What if school was gone tomorrow? what happens to the kids who depend on the school for food and shelter during parents’ working hours? what about those kids who live in awful neighborhoods surrounded by violence and drugs and all that?

    I am trying to picture what it looks like. I just can’t.

    • Tim
      Tim says:

      There’s a big difference between taking away the “mandatory” aspect of schooling and eliminating the concept altogether.

      Those in the poorest neighborhoods would almost certainly continue to take advantage of the free government child care that government schools provide.

      Or are you wondering what would happen if all the public schools were to disappear overnight? Any such sudden change would be awful since parents would be unable to prepare for it. However, if the public were given proper notice, I suspect you would be surprised at what was able to rise up in its place, especially if property taxes (often the main funding for schools) were eliminated to free up incomes. And yes, such replacements would very likely provide financial assistance to the neediest among us.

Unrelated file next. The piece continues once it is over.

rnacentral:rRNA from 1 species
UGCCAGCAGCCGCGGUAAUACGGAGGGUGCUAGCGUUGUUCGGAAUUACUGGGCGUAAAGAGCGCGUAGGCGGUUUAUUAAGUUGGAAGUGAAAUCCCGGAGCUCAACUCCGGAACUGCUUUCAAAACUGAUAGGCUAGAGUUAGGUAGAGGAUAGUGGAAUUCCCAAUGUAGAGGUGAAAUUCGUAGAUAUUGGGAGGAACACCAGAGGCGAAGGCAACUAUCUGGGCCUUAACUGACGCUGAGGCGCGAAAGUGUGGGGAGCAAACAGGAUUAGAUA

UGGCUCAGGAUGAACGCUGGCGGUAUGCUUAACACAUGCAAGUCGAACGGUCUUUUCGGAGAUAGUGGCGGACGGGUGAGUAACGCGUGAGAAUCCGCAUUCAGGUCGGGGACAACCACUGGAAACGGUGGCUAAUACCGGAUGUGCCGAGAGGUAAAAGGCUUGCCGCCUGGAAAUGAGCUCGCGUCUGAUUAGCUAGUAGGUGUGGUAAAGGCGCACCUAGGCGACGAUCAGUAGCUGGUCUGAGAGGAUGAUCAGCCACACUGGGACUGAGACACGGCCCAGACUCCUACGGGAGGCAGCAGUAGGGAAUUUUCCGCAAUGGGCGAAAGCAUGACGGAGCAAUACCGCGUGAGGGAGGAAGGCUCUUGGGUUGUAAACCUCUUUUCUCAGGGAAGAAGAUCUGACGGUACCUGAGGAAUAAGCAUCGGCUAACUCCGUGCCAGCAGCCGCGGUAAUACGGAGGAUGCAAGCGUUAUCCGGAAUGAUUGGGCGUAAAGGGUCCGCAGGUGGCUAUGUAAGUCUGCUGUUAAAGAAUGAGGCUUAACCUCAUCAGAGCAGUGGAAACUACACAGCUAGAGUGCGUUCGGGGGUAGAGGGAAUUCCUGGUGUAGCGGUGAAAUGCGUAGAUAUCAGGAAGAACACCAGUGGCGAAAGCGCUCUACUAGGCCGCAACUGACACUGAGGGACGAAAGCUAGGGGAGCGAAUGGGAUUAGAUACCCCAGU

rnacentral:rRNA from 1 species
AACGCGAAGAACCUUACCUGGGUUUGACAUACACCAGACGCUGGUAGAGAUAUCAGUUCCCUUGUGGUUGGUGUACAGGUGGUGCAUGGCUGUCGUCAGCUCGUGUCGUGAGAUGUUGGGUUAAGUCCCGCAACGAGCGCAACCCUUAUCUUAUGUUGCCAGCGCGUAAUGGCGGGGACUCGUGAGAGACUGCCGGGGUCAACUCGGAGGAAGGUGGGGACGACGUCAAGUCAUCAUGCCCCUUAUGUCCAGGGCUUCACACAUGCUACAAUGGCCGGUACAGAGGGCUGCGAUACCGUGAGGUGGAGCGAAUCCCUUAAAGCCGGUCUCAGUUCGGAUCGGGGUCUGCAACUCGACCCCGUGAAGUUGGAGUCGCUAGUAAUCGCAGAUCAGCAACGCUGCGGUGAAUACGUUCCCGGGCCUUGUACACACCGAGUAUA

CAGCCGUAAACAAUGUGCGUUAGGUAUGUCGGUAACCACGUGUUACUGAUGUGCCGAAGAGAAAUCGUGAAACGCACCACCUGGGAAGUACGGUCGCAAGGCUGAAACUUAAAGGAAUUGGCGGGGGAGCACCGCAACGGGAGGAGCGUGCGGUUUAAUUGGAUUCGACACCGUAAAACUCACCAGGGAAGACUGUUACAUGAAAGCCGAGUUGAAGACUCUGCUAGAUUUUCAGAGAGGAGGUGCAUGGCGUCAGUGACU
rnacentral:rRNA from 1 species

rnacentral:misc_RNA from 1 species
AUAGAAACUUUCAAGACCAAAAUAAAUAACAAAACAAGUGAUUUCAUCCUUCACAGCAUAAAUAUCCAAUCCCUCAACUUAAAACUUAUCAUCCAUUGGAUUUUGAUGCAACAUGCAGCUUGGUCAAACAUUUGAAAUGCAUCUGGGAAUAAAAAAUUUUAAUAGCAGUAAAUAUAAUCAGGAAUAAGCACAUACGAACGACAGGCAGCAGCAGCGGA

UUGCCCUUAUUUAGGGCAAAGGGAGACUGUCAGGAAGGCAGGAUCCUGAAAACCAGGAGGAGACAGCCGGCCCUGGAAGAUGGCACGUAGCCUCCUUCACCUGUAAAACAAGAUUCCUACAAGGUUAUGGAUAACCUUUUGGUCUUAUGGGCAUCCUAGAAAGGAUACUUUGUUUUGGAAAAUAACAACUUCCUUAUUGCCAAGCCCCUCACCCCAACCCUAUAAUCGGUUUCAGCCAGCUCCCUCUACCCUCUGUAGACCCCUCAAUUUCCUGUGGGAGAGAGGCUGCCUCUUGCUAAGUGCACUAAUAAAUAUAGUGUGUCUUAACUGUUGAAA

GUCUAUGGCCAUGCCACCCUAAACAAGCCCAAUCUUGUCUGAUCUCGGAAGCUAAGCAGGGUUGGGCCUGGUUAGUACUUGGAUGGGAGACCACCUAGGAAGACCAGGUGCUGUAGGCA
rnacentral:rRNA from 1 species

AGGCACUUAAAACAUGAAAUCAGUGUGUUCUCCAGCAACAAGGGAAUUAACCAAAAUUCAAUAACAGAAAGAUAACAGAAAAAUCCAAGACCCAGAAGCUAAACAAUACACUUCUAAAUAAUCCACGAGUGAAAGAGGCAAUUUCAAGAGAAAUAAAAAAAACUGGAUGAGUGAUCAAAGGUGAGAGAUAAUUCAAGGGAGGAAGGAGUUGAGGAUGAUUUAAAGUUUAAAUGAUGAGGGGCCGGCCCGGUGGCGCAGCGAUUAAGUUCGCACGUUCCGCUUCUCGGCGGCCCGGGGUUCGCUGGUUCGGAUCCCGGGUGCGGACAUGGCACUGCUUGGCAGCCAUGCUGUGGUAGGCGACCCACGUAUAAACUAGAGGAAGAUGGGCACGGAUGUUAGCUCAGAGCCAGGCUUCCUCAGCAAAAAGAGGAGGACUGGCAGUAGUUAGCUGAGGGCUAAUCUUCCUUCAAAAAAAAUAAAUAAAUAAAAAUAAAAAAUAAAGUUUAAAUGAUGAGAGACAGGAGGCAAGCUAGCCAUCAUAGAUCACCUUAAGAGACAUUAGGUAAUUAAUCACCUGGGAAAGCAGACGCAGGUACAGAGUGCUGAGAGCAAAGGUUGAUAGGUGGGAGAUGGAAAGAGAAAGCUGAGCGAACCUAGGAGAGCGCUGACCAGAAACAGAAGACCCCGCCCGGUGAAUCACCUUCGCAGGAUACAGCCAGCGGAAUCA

I doubt many more people would homeschool though. John Holt was pretty spot on when he observed that most adults don’t want to be around their children that much.

    • Penelope Trunk
      Penelope Trunk says:

      I wonder about this too. I try to believe in everyone. That is, it seems incredibly arrogant and probably short-sighted to argue that if you leave kids to learn what they want to learn they will be fine but then say poor kids can’t do that. I mean, the assumption, then, perhaps, is that poor kids are not as capable. And it’s not an assumption I want to make. So I struggle with this question…


      • Jordan